The Joint Ministerial Committee on Iskandar Malaysia is also studying how to ease traffic congestion on the Causeway, and the feasibility of a "third road link" between the two countries in the longer term.

The statement touched on Singapore's water supply from Malaysia too, noting that both prime ministers "encouraged the Singapore and Johor water authorities to continue their excellent working relationship".

In addition, they endorsed both countries' resolve to expand the frequencies for Long Term Evolution (LTE), or 4G, mobile services.

These frequencies will be freed up as they move their TV services from analogue to digital broadcasting.

Close cooperation between the civil service of both countries and the importance of adopting best practices to address areas of environment concern were also noted in the statement.

It concluded by underscoring both prime ministers' support of Asean and its "central role in the region's evolving architecture".

They expressed confidence in its progress towards the goal of creating an Asean Community through economic integration and people-to-people links by 2015.









High-speed rail link may help ease labour crunch in Singapore
By Saifulbahri Ismail, Channel NewsAsia, 20 Feb 2013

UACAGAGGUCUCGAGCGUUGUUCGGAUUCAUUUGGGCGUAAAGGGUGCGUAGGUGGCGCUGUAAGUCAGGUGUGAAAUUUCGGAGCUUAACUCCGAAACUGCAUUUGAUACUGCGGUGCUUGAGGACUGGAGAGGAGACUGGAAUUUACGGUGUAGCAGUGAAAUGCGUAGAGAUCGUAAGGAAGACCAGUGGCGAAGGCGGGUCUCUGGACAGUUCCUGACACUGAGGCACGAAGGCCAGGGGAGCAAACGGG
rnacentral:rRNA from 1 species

The high-speed rail link between Singapore and Kuala Lumpur could help ease the expected labour crunch in Singapore.

Companies have welcomed the infrastructure project that could potentially reduce travelling time between the two cities to only 90 minutes.

The Association of Small and Medium Enterprises (ASME) believes the project can help attract more workers from Malaysia to work in Singapore.

Companies see the advantages of hiring workers from Malaysia, which is considered a "traditional" source of foreign workers.

The advantages include not having to post a S$5,000 security bond to employ them in Singapore. There are also minimal cultural and language problems.

Companies said Malaysians living beyond Johor may want to work in Singapore if commuting is enhanced.

Chan Chong Beng, president of the Association of Small and Medium Enterprises, said: "We should be able to attract a lot of these PMEs (professionals, managers and executives) from Malaysia to come to Singapore to work, and also the workers who want to tap on the higher salaries in Singapore.

"If they can cut off the cost of accommodation in Singapore, it will be very attractive for them to come to Singapore to work, because they can either go back daily or they can go back weekly and continue to be with their families."